It looks like I’m in charge of the ‘football’

Tracy Watkins reckons the nuclear deterrent and the doctrine of MAD has been destroyed this week. Further that I am akin to a rogue state with a nuclear arsenal.

Well she may well right there.

These days, the speed at which stories can go viral on social media means they can land like a bomb in the middle of an election campaign even without being picked up by traditional news outlets.

The Brown/Chuang affair may yet signal the moment when politicians lost control of the dirt files and the nuclear arsenal fell into the hands of a rogue state.

They have good reason to be fearful. 

Who is fearful? It appears mostly media and politicians are the ones crapping their daks.

Like a nuclear mushroom cloud, the toxic fallout from the Len Brown/Bevan Chuang affair is enveloping everyone within its radius.

No-one will come out of this kiss-and-tell well – not the mayor, his former mistress, those who broke the story on the Whale Oil blog or the mayoral rival who has now also been damaged by the actions of an over-ambitious supporter.

Down the road in Wellington, meanwhile, MPs are watching warily. You might hear threats on occasion to pull out the dirt file but the reality is MPs have for long operated under a Cold War-like understanding that should one side ever push the nuclear button their opponents will fire back a battery of missiles.

It’s the no survivors scenario and has always been the ultimate deterrent.

The problem with the former state of media/politics affairs in New Zealand is that they all became cosily engaged with each other. The role of media is to hold politicians to account, and it seems they have morphed into a situation where they will not only fail to hold them to account, rather, especially in the case of the NZ Herald, rush to defend them.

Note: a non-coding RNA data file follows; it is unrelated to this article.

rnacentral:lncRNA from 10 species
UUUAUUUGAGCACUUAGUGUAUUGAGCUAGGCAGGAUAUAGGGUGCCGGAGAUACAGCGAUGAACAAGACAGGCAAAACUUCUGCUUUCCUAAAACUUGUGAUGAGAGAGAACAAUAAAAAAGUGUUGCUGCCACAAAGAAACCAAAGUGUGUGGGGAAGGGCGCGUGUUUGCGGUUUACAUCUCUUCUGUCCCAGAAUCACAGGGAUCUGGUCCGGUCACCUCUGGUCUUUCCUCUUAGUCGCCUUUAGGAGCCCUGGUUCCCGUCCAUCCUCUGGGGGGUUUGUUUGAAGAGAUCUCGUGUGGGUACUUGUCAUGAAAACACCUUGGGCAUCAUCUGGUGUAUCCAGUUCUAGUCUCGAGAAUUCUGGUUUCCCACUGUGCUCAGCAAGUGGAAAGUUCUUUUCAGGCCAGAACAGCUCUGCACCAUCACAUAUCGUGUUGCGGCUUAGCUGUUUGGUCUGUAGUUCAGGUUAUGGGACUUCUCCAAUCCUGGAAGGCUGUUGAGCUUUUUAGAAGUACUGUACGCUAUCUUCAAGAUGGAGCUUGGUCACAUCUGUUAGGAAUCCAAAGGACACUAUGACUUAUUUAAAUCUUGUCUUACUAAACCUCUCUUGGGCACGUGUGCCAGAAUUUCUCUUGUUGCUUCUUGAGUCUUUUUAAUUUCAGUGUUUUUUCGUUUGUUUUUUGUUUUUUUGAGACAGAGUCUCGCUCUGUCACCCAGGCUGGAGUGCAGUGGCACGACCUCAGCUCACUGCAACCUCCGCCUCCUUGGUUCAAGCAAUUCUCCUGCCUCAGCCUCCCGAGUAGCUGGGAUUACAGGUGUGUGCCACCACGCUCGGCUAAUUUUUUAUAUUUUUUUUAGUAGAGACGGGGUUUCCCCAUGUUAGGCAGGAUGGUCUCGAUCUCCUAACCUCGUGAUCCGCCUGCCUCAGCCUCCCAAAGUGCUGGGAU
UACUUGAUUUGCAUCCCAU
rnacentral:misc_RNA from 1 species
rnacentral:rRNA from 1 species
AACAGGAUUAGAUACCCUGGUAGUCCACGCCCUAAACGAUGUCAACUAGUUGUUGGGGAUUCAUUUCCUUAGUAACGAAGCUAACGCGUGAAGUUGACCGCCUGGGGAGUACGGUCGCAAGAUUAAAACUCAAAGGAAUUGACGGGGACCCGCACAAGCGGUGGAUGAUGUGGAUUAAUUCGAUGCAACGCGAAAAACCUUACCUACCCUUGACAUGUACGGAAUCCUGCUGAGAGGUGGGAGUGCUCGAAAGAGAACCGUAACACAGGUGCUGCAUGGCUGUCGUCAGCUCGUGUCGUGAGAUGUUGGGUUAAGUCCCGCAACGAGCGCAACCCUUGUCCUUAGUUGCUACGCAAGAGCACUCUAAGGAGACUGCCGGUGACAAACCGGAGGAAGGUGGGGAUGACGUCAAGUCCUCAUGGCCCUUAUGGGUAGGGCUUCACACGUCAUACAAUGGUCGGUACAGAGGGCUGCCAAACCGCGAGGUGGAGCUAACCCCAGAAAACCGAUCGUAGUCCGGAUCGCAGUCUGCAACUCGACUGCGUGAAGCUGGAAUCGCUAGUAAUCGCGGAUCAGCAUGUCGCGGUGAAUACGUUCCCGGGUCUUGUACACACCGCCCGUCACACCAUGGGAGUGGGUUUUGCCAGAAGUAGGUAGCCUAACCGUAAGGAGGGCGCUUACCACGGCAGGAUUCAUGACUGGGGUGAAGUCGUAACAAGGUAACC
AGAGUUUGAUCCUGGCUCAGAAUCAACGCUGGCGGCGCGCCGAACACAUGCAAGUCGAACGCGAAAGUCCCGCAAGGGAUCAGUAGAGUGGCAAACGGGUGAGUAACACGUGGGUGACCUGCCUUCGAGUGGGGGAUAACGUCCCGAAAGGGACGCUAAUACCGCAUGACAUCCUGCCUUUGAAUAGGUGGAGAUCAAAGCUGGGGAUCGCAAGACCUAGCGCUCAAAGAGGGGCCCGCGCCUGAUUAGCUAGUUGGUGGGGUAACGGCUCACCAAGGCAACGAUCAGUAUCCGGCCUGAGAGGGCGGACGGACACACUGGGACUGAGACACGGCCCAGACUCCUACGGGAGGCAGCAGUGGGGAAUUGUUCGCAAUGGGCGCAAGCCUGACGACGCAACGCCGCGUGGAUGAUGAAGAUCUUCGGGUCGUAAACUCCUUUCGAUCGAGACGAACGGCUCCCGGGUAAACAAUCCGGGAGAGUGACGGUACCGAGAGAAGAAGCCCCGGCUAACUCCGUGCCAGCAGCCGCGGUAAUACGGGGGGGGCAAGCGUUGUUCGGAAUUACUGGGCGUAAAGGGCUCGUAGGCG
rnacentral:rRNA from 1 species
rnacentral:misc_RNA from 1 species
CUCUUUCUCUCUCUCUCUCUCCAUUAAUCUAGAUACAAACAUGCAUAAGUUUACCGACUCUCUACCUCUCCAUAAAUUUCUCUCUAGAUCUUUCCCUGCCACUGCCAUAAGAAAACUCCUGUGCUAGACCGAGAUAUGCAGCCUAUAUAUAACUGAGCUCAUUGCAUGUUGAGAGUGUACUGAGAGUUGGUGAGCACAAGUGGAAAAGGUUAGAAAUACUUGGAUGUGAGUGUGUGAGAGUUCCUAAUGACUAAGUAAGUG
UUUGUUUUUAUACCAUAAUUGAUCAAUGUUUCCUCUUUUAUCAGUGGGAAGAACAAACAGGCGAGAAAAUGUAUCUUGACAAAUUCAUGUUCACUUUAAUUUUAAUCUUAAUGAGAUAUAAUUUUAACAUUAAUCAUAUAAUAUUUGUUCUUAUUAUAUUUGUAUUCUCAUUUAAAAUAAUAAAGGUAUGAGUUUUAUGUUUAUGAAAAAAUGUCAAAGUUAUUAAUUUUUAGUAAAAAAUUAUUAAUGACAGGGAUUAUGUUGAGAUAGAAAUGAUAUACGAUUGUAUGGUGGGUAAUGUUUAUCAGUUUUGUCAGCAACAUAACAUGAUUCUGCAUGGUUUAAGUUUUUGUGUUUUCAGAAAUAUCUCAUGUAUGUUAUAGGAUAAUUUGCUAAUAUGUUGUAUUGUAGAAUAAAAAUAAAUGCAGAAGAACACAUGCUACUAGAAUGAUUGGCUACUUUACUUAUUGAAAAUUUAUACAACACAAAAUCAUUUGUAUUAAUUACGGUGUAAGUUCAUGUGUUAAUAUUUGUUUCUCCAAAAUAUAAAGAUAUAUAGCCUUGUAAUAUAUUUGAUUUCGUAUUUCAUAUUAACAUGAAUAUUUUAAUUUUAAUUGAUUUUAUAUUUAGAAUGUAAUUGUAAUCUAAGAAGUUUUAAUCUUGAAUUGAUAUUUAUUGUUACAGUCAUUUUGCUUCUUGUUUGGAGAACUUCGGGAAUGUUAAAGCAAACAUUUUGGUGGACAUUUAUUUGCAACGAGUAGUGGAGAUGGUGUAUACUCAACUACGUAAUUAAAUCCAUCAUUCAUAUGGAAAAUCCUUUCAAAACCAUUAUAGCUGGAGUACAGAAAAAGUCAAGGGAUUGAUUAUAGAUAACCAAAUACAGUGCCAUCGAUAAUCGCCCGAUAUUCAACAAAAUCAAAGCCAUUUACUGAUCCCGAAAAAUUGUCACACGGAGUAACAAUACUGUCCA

That model of media in New Zealand got destroyed this week.  Detente is dead.

I’ve got control of the ‘football’ now.

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As much at home writing editorials as being the subject of them, Cam has won awards, including the Canon Media Award for his work on the Len Brown/Bevan Chuang story. When he’s not creating the news, he tends to be in it, with protagonists using the courts, media and social media to deliver financial as well as death threats.

They say that news is something that someone, somewhere, wants kept quiet. Cam Slater doesn’t do quiet and, as a result, he is a polarising, controversial but highly effective journalist who takes no prisoners.

He is fearless in his pursuit of a story.

Love him or loathe him, you can’t ignore him.

To read Cam’s previous articles click on his name in blue.